Address by Deputy Minister Ntombazana Botha at the Launch of Gamohle/ National Archives Oral History Project
“AGE OF HOPE: Through struggle to freedom”
Programme Director, honourable veterans, distinguished guests, colleagues, government officials, members of the media, ladies and gentlemen: Good morning!
It is, indeed, an honour and a great pleasure for me to be addressing you this morning on the eve of the national commemoration and celebration of the 50 th Anniversary of the Women’s Anti - Pass March to the Union Buildings here in Pretoria on 9 August 1956.
50 years ago on 9 August 1956, 20 000 women came from all over the country to march to the Union Buildings in Pretoria to protest against the extension of government regulations to African women regarding the carrying of passes. We are proud to acknowledge in our midst, some of the veterans who marched on that historic day. We have here (name veterans……………)
In 1932 the Bantu Commissioners’ Office, better known to the local people as gaMohle was established in Pretoria as a result of the New Group Areas Act of 1923. The building served as a new administration office with the purpose of controlling influx and labour also providing passes to African people.
As Minister Pallo Jordan often reminds us, that before 1994 museums tended to reflect the history and achievements of only one section of the people of this country. And as we are faced with this reality, our Museums have to begin exploring innovative methods of generating funds and utilizing heritage for economic development. Oral History is a tool that can be used to address challenges faced by all of us charged with preservation of our heritage.
It is important to tell our stories to the younger generation while time still permits. Our parents and our grandparents, who hold this memory, will soon be passing on, We should not miss the opportunity of documenting the authentic history of our people.
From the research that has been done, it is clear that for centuries African women were pioneers when it came to resisting the wholesale contemptuous degradation and dehumanisation of women in the social, cultural, economic and political system. It is absolutely imperative for us to rewrite our history to accurately reflect and record the powerful contribution made by women of this country.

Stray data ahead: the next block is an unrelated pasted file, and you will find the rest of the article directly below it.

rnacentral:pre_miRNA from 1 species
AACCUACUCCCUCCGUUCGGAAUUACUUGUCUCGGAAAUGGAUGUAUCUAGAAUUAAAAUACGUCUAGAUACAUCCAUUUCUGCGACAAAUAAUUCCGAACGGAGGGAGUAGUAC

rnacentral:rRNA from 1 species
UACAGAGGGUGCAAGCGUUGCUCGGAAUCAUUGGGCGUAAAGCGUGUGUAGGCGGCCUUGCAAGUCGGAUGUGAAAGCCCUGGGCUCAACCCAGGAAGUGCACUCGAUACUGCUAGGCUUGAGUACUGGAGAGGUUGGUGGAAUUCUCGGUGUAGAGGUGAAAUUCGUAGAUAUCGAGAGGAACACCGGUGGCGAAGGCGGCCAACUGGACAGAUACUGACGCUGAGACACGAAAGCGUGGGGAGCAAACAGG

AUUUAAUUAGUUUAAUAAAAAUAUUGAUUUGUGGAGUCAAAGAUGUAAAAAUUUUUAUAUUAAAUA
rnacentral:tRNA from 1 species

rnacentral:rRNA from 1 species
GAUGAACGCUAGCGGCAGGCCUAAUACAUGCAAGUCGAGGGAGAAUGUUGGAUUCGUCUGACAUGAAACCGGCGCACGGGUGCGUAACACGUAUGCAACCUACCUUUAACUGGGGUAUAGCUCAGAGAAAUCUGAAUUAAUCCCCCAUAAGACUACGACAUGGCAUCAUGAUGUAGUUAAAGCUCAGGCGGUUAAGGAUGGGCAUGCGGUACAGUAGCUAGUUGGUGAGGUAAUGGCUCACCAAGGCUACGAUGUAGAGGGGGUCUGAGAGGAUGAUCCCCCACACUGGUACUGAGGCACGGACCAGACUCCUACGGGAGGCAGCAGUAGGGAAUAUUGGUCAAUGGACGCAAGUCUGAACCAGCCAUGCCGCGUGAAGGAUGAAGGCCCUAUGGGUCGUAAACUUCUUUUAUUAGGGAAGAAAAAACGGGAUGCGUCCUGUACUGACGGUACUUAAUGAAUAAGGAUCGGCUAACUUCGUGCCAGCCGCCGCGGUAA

Even though the struggle to end apartheid is considered to be over by some people in this country, we all need to bear in mind that the struggle for the total emancipation and gender equality is not over yet.
The mass mobilisation of tend of thousands of women culminating in the protest march of over 20 000 women to the Union Buildings was a unforgettable event in the history of the struggle for freedom which continues to inspire us today. Tomorrow, as we re-enact this historic event we remember with pride and honour those women who were the pioneers of the freedoms we enjoy today.
This story has been told over and over, from generation to generation. A few photos were taken by male photographers, if I may add, but not much of the activities around this event has been documented – the organisation and mobilisation of women in the townships, small dorpies, villages and farms in the build up to the day has not been adequately recorded.
Ma-Helen Joseph, one of the four leaders of the march, when asked to express her feelings about what she saw and experienced on 9 August 1956 had this to say: “I shall never forget what I saw on 9 August 1956 – thousands of women standing in silence for a full thirty minutes, arms raised high in the clenched fist of the Congress salute. Twenty thousand women of all races, from all parts of South Africa, were massed together in the huge stone amphitheatre of the Union Buildings in Pretoria, the administrative seat of the Union government, high on the hill. The brilliant colours of African headscarves, the brightness of Indian saris and the emerald green blouses worn by Congress women merged into an unstructured design, woven together by the very darkness of those thousands of faces”.
Throughout the history of humankind, starting with the story of the creation of the human beings, Adam and Eve, in the Bible, until recent times with the judgment by esteemed judges in the criminal matter of The State versus G J Zuma, women have been portrayed as either weak or useless and stupid, either confused or liars, either ???? or wicked, by those who write about them, by those who think they know what women need, by those who think they are superior to women and by those who judge their actions because they think they know them even better than women know themselves.